• Where are you from?
    • Occupations/workplaces
    • Family
    • Food/drinks/colours – like/don’t like …
    • Less experienced (ie most) students will know little else beyond these basics.
  • A Lao conversation is more likely to be along the lines of Sabaidee, are you good?  Where are you going?  Have you eaten? (in my limited understanding! – and I often get it wrong, or can’t understand anything after the 1st question…)

Most Useful words/phrases to learn in Lao:

Hello  –  Sabaidee

Thank you  –  Kawp jai

No worries!  –   Baw pen nyang

Remember too that there is no agreed upon phonetic spelling for English pronunciation for Lao words.  Primary complications are the tones that change the meaning of words, and sounds that have no exact English equivalent.  Phonetic spelling of sounds may well be pronounced differently depending on your first language/accent..

Most importantly, have a go!  Lao people are, on the whole, very very friendly and appreciate a ‘good heart’ that shows in your actions

(Article 1 of the Universal Declaration of Human Rights)

Declaration of human rights in Lao

Sample text

Manut thuk khôn kœ̄t māmīkẏat sâk sī, sitthi, sēlī phôp læ khwôm smœ̄ phôp thàw thẏam kân. Thuk thuk khôn mīhēt phôn læ khwômkhit khwôm hian swàn tôw khɔ̄̄ṅ phai khɔ̄ṅ mân, tǣ̀vồ manut thuk thuk khôn khwan paphʉt tàṁ kân khʉ̄ kân kâp pianốy nɔ̄́ṅ kân.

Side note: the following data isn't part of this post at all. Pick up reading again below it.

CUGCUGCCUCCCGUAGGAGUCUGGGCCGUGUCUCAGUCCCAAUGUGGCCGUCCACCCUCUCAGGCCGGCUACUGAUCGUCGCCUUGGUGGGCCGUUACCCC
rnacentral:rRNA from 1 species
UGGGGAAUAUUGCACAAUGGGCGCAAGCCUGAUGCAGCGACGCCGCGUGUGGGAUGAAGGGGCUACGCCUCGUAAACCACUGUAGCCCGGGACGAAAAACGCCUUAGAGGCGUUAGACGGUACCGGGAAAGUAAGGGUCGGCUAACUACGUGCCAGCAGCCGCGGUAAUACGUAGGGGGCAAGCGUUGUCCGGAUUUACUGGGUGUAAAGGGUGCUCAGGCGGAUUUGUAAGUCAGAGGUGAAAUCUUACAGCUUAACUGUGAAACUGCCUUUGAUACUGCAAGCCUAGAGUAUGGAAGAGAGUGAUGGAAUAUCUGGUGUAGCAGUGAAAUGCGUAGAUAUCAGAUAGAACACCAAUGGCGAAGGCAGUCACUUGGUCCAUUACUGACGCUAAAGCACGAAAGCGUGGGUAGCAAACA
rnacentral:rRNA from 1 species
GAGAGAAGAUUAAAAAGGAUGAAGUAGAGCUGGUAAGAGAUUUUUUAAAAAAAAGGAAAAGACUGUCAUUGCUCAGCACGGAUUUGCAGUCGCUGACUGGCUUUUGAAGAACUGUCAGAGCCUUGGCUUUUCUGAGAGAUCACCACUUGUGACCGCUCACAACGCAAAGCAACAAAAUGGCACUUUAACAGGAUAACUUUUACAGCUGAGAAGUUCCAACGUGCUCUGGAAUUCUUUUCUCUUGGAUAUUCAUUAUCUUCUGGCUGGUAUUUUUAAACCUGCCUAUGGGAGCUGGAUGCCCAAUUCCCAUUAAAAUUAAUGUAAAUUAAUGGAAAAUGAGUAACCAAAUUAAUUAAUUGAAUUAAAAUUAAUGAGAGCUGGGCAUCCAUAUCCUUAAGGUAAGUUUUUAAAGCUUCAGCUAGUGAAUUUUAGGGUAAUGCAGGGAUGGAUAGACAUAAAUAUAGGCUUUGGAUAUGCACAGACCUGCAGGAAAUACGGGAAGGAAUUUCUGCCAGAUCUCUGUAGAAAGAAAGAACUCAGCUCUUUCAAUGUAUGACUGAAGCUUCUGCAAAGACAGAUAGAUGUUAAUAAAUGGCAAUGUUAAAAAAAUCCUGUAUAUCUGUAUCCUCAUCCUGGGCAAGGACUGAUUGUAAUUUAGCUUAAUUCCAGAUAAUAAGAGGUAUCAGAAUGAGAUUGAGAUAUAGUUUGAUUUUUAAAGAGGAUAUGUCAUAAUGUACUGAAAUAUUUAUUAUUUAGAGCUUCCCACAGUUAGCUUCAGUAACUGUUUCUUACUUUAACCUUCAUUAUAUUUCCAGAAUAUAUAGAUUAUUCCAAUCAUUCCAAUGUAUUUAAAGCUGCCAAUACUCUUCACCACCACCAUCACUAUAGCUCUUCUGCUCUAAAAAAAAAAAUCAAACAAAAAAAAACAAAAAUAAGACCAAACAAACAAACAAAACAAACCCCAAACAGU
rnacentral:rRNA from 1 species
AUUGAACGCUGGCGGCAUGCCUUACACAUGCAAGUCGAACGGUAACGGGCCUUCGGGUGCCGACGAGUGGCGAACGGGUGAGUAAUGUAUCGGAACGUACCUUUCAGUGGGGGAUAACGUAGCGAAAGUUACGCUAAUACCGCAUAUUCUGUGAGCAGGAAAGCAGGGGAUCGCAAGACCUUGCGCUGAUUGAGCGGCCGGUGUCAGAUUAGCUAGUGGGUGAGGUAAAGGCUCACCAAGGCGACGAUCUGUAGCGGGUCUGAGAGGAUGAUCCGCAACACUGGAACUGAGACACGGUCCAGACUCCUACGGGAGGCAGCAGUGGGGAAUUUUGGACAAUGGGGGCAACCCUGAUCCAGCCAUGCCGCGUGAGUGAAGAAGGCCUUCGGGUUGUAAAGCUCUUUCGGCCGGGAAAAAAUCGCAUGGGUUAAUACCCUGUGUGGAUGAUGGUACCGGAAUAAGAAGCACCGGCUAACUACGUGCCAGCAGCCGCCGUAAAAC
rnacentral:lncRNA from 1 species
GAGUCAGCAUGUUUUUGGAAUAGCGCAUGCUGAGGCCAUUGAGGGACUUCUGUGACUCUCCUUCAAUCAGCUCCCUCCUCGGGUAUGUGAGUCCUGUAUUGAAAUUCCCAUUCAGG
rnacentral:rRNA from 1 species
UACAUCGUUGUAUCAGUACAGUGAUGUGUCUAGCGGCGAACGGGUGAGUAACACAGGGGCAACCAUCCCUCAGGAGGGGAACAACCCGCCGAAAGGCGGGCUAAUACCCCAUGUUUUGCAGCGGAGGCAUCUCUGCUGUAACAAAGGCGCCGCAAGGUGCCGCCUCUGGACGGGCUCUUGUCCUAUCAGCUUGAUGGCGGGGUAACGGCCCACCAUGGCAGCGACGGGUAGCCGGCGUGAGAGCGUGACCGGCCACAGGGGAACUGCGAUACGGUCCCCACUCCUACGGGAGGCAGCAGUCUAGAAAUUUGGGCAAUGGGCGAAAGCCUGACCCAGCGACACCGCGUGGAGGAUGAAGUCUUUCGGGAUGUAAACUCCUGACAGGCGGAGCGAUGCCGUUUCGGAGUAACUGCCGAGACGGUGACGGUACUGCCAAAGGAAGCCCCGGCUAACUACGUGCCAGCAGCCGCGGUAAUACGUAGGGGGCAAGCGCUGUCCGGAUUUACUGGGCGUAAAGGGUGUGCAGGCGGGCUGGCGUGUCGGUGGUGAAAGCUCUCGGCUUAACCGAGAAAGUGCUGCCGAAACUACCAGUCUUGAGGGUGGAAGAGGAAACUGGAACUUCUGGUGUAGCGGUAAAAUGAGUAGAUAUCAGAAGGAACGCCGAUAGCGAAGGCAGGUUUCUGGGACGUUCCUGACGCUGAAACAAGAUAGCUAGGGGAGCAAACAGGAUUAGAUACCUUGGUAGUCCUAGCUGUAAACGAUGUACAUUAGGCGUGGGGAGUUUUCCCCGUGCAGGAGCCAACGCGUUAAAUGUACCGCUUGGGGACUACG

All human beings are born free and equal in dignity and rights. They are endowed with reason and conscience and should act towards one another in a spirit of brotherhood.

Language & Culture: Laos (& workplace communication)

Language & Culture: Laos  Background notes for teachers in the Adult Migrant Education Program by Jean Brick (1984)  

Book produced by the NSW Adult Migrant Education Service (borrowed from Deakin University Library)

Interesting reading!  Clearly some changes may have happened in the 30+ intervening years but I imagine that knowing the older or more traditional forms of address and a bit of history remains useful.

Some items of particular interest to me in regards to cultural expectations and relationships – I am somewhat nervous about establishing relationships with my work colleagues as I have a fundamentally (privileged) Western ideal and expectation that hierarchies and level of respect ought to depend on actions rather than given titles, which can of course take some time.

An interesting aspect relates to obligation and use of please/thank you, that helps to make sense of why my automated sense of ‘manners’ – ie everyone deserves to be thanked or spoken to politely – is not directly translatable in other cultural/ethnic contexts.

When speaking to shopkeepers or market sellers it was usual to say ‘Get X’, omitting pronouns and using command forms.  Respect was not necessary as payment was involved (p28)